Monday, 11 January 2010

‘Opposites attract?!’

This is sometimes true in relationships....but what about in group work? The Belbin team role test identifies 8 different team roles with distinct characteristics:

· Shaper – highly motivated, outgoing, dynamic and competitive. Prone to irritation and impatience and a tendency to offend others.

· Plant – innovative, creative, problem-solving and original. Up in the clouds, inclined to disregard practical details.

· Co-ordinator – calm, self controlled and self confident. No pretensions as regards intellectual or creative ability.

· Monitor-evaluator – serious, prudent, critical thinker and analytical. Lack of inspiration or the ability to motivate others.

· Implementer – loyal, structured, reliable and dependable. Lack of flexibility, resistance to unproven ideas.

· Resource Investigator – good communicator, networker, negotiator and outgoing. Liable to lose interest once the initial fascination has passed.

· Team-worker – sociable, adaptable, calming influence and supportive. Indecision at moments of crisis and some failure to provide a clear lead to others.

· Completer-finisher – attention to detail, accurate, high standards and quality orientated. A tendency to worry about small things and a reluctance to ‘let go’

· Specialist – technical expert, high capability, driven by personal standards and has high knowledge. Contribute only on a narrow front.

With these team roles however there are weaknesses that need to be recognised shown in italics.

I felt looking at the team roles at the beginning of the group task that it was funny to find out how people came out however I didn’t initially see how they were helpful...but by the end of the task reflecting on them I can see a lot of the characteristics of my team within the roles.

Mr Do It is definitely a complete finisher and an implementer – efficient in his work, hard working and a team member who compliments my role and is pivotal to the group’s success.

Miss Sweetheart is a co-ordinator, has no prejudice and kept sight of the main objective.

Mr Laid Back is a team worker; he listens and helps the work get done.

Mr Talker is a resource investigator and his weakness was evident – once the task had been started he took the main role at the first meeting however as the task went on he lost interest and even missed meetings.

Miss Surprise was a team worker; she was perceptive and listened at group meetings.

My role within the group is that of Shaper – I thrive on pressure and am ready to challenge ineffectiveness. I work well with complete finishers as I need someone to channel my creativity and enthusiasm. Because we were a new team I feel my role was important as we needed a shaper to get started. Another thing I have learnt is that depending on the circumstances a leader needs to adapt their style to meet the needs of their team members. No-one reacts well to being shouted at...

It is important to note however that a team member can play more than one role in a group and personality traits and personal problems can overtake the role people take. Conflict occurs when there is more than one person with a strong team role such as that of shaper or plant with neither of them wanting to take another role. There will always be issues in a group in 1965 Tuckman (Kirby:2003:192) produced a model for group formation:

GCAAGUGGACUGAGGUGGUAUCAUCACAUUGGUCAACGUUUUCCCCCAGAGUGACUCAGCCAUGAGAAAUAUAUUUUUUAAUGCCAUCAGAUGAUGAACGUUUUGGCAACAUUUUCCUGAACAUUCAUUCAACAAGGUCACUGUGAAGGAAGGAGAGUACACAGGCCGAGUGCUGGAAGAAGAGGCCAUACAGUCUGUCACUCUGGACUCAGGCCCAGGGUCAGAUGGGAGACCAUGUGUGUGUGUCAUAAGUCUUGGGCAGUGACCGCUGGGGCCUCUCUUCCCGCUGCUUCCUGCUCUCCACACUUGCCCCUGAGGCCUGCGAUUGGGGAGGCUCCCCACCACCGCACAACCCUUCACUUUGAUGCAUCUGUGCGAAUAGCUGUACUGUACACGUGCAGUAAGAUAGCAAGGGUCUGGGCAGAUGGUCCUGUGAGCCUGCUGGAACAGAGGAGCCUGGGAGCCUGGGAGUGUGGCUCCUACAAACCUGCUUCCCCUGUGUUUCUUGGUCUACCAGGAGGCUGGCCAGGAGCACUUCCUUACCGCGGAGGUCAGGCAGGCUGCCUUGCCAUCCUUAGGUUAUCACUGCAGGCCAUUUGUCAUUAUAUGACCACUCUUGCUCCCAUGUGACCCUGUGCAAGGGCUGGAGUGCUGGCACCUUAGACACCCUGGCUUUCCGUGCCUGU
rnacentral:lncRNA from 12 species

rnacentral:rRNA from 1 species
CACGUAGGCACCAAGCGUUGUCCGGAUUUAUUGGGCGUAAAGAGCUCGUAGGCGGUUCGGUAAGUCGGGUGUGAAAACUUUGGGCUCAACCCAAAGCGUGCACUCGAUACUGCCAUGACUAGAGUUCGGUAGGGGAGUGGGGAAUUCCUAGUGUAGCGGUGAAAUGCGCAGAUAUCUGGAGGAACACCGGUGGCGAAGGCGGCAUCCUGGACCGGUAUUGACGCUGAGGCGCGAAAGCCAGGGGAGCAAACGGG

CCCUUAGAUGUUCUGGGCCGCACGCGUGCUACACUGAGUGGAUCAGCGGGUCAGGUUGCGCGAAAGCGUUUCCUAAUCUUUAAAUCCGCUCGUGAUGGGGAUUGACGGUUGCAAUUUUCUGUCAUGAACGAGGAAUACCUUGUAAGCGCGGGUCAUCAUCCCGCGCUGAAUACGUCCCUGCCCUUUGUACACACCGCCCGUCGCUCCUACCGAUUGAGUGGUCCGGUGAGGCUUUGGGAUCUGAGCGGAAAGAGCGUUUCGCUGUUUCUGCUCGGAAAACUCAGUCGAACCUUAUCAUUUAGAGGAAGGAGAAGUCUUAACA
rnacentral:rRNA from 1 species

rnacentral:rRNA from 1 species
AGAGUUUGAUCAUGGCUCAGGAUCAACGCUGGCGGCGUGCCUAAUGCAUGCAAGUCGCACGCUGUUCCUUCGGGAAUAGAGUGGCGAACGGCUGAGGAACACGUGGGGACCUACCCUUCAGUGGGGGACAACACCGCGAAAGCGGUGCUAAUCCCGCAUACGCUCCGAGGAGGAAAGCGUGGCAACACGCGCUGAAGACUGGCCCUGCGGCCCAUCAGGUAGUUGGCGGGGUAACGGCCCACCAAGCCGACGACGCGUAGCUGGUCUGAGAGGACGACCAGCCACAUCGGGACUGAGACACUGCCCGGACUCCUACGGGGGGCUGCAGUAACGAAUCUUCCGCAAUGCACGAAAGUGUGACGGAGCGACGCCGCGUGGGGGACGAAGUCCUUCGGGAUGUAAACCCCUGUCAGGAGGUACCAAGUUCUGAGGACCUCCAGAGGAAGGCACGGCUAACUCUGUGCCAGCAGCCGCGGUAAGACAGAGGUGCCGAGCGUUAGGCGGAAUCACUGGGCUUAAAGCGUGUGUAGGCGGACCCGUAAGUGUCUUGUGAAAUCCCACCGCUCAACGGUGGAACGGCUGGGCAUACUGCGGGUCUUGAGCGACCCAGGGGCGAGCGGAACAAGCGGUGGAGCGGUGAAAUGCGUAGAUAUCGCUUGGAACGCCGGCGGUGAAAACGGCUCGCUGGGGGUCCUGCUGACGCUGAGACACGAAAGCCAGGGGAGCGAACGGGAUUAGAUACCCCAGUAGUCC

Forming – the group looks to a powerful leader for guidance.

Storming – now the group fragments, members stress their own needs and concerns and resist the influence of the group.

Norming – group cohesion develops –there is a conscious effort to avoid conflict situations.

Performing – Energy is channelled into the task.

Adjourning – The group is wound down.

Groups need to get past the storming phase otherwise they will fail at the task. One of the ways to do that is to place emphasis on building relationships and maintaining them. There needs to be an extra effort outside of the working environment to keep communication channels open, however the relationships have to kept professional, personal problems should be left at home. As a group we didn’t have any major problems because of the size of the team it meant tasks could be carried out without all members being present...if the situation would have been different and we were being marked on the task then I think there would have been more disagreements.

According to Clutterbuck in his book ‘Coaching the Team and Work’ the bigger the group – the lower the productivity and a greater propensity to experience ‘social loafing’ – personally I am glad there is an academic term for general lay abouts…those that expect others to take up the slack...the words I think of can’t be used. Luckily in this group there wasn’t too much social loafing but I have experienced it in other group work and it can be VERY irritating.

Clutterbuck, D. (2007) Coaching the Team and Work, Nicholas Brealey Publishing

Kirby, DA., (2003) Entrepreneurship, Mcgraw Hill Education

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